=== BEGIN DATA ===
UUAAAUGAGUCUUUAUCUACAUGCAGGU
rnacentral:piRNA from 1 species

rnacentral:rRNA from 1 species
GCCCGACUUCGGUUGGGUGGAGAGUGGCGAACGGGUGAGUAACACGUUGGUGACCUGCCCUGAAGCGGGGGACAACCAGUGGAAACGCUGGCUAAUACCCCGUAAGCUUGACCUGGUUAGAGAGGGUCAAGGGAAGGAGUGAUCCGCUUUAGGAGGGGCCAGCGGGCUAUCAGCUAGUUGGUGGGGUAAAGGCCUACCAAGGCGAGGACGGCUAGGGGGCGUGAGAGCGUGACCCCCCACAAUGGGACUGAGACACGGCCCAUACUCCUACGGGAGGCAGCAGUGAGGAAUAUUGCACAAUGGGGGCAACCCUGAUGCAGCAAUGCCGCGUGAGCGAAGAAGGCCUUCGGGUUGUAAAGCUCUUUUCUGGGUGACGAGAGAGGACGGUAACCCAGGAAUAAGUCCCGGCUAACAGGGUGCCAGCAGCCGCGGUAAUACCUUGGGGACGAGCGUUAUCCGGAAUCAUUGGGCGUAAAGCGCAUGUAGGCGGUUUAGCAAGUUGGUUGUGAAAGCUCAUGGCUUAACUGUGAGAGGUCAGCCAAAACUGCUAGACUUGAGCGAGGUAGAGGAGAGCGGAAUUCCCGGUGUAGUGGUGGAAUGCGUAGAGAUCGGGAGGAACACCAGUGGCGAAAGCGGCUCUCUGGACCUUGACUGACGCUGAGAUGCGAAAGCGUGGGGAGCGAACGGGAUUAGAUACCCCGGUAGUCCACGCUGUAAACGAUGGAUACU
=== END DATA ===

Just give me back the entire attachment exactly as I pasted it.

UUAAAUGAGUCUUUAUCUACAUGCAGGU
rnacentral:piRNA from 1 species

rnacentral:rRNA from 1 species
GCCCGACUUCGGUUGGGUGGAGAGUGGCGAACGGGUGAGUAACACGUUGGUGACCUGCCCUGAAGCGGGGGACAACCAGUGGAAACGCUGGCUAAUACCCCGUAAGCUUGACCUGGUUAGAGAGGGUCAAGGGAAGGAGUGAUCCGCUUUAGGAGGGGCCAGCGGGCUAUCAGCUAGUUGGUGGGGUAAAGGCCUACCAAGGCGAGGACGGCUAGGGGGCGUGAGAGCGUGACCCCCCACAAUGGGACUGAGACACGGCCCAUACUCCUACGGGAGGCAGCAGUGAGGAAUAUUGCACAAUGGGGGCAACCCUGAUGCAGCAAUGCCGCGUGAGCGAAGAAGGCCUUCGGGUUGUAAAGCUCUUUUCUGGGUGACGAGAGAGGACGGUAACCCAGGAAUAAGUCCCGGCUAACAGGGUGCCAGCAGCCGCGGUAAUACCUUGGGGACGAGCGUUAUCCGGAAUCAUUGGGCGUAAAGCGCAUGUAGGCGGUUUAGCAAGUUGGUUGUGAAAGCUCAUGGCUUAACUGUGAGAGGUCAGCCAAAACUGCUAGACUUGAGCGAGGUAGAGGAGAGCGGAAUUCCCGGUGUAGUGGUGGAAUGCGUAGAGAUCGGGAGGAACACCAGUGGCGAAAGCGGCUCUCUGGACCUUGACUGACGCUGAGAUGCGAAAGCGUGGGGAGCGAACGGGAUUAGAUACCCCGGUAGUCCACGCUGUAAACGAUGGAUACU